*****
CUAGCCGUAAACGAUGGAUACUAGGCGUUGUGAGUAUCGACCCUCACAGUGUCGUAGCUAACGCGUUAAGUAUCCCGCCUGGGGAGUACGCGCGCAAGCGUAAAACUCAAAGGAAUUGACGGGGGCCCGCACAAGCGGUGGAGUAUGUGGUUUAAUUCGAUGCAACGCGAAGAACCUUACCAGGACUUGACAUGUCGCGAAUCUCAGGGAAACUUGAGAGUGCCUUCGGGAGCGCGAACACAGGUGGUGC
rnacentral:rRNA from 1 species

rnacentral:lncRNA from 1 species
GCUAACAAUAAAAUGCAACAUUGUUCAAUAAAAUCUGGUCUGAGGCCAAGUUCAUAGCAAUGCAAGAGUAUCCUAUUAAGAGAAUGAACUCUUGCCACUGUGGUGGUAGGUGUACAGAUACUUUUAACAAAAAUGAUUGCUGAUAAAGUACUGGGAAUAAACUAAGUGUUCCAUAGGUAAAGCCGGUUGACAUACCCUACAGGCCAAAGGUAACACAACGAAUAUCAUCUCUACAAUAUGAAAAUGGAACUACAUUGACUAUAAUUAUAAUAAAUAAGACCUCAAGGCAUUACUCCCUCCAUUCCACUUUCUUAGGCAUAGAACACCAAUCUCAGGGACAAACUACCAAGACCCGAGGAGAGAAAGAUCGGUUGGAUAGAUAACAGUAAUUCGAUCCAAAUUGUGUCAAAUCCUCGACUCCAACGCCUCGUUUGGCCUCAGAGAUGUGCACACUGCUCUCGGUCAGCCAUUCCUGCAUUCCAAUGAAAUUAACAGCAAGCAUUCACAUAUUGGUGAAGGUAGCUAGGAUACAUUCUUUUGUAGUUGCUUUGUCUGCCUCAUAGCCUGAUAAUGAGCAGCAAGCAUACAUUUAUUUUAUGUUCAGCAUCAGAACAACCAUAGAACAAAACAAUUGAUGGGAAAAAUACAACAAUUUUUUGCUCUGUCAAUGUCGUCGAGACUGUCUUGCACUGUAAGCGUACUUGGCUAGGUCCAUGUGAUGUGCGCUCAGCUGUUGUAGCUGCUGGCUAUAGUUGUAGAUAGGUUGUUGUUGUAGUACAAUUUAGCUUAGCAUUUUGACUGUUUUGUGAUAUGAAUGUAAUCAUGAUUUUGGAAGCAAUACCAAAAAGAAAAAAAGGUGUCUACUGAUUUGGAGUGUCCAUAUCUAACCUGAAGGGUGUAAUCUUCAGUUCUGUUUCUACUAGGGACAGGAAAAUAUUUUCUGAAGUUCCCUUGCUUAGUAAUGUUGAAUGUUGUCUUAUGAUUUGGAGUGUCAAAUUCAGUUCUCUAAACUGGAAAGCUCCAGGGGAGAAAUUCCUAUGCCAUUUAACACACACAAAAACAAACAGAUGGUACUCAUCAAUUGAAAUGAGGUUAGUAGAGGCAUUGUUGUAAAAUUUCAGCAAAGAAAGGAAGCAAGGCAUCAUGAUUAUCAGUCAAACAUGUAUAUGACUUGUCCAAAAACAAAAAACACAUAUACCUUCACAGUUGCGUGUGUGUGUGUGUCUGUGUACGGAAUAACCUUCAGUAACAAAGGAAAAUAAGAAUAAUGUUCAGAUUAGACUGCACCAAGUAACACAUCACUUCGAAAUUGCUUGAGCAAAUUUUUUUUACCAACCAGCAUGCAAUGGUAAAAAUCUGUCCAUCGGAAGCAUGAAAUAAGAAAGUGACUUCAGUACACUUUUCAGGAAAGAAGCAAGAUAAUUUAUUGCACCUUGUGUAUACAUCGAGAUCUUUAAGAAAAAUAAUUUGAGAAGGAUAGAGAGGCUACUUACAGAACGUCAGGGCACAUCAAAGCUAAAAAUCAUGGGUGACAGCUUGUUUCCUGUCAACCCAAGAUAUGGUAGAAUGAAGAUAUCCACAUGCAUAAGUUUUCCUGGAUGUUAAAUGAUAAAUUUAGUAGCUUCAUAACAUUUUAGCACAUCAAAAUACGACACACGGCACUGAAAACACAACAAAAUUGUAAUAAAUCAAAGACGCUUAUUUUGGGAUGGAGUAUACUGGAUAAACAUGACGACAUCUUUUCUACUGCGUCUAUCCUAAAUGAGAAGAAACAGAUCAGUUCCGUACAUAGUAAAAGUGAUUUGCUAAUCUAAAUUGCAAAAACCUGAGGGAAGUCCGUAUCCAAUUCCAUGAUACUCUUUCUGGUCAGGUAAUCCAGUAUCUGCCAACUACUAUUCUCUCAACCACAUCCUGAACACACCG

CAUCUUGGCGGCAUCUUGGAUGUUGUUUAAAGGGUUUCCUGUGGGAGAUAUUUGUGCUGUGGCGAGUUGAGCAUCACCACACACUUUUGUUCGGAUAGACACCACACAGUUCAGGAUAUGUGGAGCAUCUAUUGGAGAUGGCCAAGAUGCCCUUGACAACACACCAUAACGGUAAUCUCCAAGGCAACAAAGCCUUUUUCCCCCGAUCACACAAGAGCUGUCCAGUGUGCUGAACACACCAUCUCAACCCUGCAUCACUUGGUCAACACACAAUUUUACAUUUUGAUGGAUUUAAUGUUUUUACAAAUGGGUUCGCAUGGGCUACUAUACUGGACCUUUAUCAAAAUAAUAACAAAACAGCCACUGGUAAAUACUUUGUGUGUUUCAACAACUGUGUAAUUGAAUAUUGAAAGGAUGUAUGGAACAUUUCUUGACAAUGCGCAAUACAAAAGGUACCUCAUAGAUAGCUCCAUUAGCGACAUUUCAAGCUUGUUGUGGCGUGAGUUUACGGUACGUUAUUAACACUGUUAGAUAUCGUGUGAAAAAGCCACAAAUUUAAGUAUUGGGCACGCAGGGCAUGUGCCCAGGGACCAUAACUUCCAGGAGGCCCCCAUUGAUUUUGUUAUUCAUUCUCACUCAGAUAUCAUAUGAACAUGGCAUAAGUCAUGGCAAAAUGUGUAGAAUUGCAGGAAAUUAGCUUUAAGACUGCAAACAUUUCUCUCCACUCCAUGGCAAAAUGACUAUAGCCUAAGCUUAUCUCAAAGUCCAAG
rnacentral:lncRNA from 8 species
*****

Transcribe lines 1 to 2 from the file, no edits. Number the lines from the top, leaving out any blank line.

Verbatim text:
CUAGCCGUAAACGAUGGAUACUAGGCGUUGUGAGUAUCGACCCUCACAGUGUCGUAGCUAACGCGUUAAGUAUCCCGCCUGGGGAGUACGCGCGCAAGCGUAAAACUCAAAGGAAUUGACGGGGGCCCGCACAAGCGGUGGAGUAUGUGGUUUAAUUCGAUGCAACGCGAAGAACCUUACCAGGACUUGACAUGUCGCGAAUCUCAGGGAAACUUGAGAGUGCCUUCGGGAGCGCGAACACAGGUGGUGC
rnacentral:rRNA from 1 species